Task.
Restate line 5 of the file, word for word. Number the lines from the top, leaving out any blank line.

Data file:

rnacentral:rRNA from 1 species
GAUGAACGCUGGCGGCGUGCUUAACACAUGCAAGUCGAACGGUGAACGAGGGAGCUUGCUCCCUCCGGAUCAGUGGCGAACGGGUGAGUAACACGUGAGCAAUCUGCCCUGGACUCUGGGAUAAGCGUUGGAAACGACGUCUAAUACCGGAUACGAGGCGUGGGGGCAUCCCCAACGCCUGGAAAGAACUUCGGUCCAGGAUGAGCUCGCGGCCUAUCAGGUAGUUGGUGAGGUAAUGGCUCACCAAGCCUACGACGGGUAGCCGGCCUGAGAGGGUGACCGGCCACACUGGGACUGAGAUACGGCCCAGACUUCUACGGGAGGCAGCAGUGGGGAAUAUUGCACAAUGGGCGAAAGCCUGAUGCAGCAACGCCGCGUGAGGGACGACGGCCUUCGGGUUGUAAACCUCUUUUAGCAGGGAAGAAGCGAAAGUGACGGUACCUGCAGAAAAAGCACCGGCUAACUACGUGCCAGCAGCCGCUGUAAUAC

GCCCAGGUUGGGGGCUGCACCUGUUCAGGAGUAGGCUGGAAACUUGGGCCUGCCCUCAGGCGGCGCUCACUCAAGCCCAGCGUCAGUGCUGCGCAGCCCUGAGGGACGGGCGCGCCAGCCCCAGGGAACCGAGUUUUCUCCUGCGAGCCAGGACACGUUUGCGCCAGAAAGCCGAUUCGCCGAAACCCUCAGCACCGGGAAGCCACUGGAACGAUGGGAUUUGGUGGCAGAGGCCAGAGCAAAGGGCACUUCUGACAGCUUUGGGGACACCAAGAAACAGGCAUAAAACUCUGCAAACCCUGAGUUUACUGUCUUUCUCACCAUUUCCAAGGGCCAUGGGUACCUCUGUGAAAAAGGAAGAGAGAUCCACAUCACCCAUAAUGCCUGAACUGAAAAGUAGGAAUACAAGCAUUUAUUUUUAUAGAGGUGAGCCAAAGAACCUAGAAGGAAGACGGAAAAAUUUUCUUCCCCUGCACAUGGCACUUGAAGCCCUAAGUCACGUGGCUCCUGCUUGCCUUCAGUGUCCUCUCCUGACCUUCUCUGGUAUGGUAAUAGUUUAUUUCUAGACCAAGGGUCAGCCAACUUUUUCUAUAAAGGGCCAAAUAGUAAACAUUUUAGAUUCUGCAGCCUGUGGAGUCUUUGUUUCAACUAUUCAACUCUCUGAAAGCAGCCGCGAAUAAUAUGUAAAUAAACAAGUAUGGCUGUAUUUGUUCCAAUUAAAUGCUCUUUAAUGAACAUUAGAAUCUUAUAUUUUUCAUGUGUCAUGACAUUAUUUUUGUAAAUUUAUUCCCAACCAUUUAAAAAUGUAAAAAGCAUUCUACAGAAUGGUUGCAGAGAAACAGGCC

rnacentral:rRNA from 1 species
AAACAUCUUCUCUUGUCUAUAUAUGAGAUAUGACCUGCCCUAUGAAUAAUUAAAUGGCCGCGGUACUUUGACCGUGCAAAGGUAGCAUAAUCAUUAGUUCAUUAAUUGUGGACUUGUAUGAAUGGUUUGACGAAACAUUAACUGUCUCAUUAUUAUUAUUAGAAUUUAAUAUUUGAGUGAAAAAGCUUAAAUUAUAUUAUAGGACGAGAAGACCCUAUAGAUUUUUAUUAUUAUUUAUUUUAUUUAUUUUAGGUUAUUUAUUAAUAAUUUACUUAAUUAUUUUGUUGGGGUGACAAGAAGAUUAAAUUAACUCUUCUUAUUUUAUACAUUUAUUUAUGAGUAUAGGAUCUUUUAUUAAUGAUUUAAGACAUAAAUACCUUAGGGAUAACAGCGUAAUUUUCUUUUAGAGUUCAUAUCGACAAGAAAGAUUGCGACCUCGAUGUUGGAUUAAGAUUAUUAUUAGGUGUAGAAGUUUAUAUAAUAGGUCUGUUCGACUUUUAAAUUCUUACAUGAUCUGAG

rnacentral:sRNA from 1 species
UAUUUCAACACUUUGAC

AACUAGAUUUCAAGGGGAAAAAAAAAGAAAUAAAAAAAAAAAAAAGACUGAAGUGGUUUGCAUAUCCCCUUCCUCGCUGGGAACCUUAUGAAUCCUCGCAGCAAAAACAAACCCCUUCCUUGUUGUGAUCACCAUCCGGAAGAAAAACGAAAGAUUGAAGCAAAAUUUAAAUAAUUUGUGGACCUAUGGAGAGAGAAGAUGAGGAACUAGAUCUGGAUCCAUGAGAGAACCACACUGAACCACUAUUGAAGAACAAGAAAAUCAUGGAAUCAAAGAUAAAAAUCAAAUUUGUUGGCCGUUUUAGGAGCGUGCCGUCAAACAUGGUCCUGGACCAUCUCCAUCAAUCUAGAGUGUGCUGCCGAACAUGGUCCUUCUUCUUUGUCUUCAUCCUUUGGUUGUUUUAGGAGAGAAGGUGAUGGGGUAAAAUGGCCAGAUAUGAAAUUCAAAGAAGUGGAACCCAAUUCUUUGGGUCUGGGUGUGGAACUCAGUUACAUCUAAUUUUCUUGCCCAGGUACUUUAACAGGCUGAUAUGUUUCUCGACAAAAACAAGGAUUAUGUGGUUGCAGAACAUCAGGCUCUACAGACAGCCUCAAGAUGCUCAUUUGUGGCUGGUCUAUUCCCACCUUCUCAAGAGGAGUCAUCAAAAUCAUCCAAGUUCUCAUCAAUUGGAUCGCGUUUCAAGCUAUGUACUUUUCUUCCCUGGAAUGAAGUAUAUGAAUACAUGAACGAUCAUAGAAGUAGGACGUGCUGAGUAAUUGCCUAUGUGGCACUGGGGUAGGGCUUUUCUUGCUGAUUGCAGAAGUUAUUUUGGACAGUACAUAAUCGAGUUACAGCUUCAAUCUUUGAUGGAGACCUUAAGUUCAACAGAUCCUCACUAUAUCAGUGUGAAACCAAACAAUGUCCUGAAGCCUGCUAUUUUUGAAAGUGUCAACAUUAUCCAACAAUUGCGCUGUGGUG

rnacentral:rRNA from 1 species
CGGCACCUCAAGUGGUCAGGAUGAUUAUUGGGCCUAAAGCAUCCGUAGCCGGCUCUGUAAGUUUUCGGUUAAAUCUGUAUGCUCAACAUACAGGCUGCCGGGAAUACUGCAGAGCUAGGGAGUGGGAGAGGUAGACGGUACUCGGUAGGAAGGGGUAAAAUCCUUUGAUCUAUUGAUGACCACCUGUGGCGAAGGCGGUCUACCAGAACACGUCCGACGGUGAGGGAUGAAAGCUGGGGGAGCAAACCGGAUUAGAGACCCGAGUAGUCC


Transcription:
AAACAUCUUCUCUUGUCUAUAUAUGAGAUAUGACCUGCCCUAUGAAUAAUUAAAUGGCCGCGGUACUUUGACCGUGCAAAGGUAGCAUAAUCAUUAGUUCAUUAAUUGUGGACUUGUAUGAAUGGUUUGACGAAACAUUAACUGUCUCAUUAUUAUUAUUAGAAUUUAAUAUUUGAGUGAAAAAGCUUAAAUUAUAUUAUAGGACGAGAAGACCCUAUAGAUUUUUAUUAUUAUUUAUUUUAUUUAUUUUAGGUUAUUUAUUAAUAAUUUACUUAAUUAUUUUGUUGGGGUGACAAGAAGAUUAAAUUAACUCUUCUUAUUUUAUACAUUUAUUUAUGAGUAUAGGAUCUUUUAUUAAUGAUUUAAGACAUAAAUACCUUAGGGAUAACAGCGUAAUUUUCUUUUAGAGUUCAUAUCGACAAGAAAGAUUGCGACCUCGAUGUUGGAUUAAGAUUAUUAUUAGGUGUAGAAGUUUAUAUAAUAGGUCUGUUCGACUUUUAAAUUCUUACAUGAUCUGAG